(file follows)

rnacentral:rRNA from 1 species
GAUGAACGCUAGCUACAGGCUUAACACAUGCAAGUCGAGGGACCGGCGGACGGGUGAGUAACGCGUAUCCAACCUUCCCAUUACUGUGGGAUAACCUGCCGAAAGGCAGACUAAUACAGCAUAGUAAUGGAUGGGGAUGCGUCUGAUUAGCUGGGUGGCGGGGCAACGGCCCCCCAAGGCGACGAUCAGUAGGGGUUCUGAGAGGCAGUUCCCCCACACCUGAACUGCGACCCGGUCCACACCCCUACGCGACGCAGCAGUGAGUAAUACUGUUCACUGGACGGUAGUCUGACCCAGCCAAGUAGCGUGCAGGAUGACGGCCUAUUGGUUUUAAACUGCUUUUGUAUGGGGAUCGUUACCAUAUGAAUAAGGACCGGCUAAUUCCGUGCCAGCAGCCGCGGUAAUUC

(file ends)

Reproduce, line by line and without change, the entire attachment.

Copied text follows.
rnacentral:rRNA from 1 species
GAUGAACGCUAGCUACAGGCUUAACACAUGCAAGUCGAGGGACCGGCGGACGGGUGAGUAACGCGUAUCCAACCUUCCCAUUACUGUGGGAUAACCUGCCGAAAGGCAGACUAAUACAGCAUAGUAAUGGAUGGGGAUGCGUCUGAUUAGCUGGGUGGCGGGGCAACGGCCCCCCAAGGCGACGAUCAGUAGGGGUUCUGAGAGGCAGUUCCCCCACACCUGAACUGCGACCCGGUCCACACCCCUACGCGACGCAGCAGUGAGUAAUACUGUUCACUGGACGGUAGUCUGACCCAGCCAAGUAGCGUGCAGGAUGACGGCCUAUUGGUUUUAAACUGCUUUUGUAUGGGGAUCGUUACCAUAUGAAUAAGGACCGGCUAAUUCCGUGCCAGCAGCCGCGGUAAUUC